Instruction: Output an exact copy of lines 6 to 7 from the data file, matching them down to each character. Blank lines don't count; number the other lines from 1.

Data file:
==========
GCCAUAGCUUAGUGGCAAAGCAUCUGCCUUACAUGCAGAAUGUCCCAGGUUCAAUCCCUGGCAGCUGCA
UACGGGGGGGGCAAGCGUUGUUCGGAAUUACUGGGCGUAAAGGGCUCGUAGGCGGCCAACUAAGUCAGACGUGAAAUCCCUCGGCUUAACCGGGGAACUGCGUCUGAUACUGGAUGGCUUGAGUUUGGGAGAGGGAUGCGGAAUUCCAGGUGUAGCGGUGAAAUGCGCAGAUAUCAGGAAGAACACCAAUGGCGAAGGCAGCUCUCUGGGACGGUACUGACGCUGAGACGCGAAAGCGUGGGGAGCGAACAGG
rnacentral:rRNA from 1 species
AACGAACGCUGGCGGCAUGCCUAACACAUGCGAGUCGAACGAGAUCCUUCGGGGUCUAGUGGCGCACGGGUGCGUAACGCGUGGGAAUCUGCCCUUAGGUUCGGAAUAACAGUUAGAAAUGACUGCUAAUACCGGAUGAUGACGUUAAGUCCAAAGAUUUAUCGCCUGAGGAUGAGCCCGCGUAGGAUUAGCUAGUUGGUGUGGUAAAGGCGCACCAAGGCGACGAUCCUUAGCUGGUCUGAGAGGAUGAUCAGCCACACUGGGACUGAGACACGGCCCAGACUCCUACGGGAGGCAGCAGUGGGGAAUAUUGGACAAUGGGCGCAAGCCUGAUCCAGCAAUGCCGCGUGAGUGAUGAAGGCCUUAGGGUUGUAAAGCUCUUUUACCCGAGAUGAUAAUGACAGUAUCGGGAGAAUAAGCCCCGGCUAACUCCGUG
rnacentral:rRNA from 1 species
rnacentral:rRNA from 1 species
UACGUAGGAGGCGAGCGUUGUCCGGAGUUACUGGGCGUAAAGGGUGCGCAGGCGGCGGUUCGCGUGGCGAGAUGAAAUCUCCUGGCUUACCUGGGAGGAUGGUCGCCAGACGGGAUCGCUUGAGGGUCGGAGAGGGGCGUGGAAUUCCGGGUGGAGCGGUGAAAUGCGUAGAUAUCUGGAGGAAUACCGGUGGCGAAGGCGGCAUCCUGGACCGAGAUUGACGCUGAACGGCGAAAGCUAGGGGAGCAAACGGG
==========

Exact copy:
rnacentral:rRNA from 1 species
UACGUAGGAGGCGAGCGUUGUCCGGAGUUACUGGGCGUAAAGGGUGCGCAGGCGGCGGUUCGCGUGGCGAGAUGAAAUCUCCUGGCUUACCUGGGAGGAUGGUCGCCAGACGGGAUCGCUUGAGGGUCGGAGAGGGGCGUGGAAUUCCGGGUGGAGCGGUGAAAUGCGUAGAUAUCUGGAGGAAUACCGGUGGCGAAGGCGGCAUCCUGGACCGAGAUUGACGCUGAACGGCGAAAGCUAGGGGAGCAAACGGG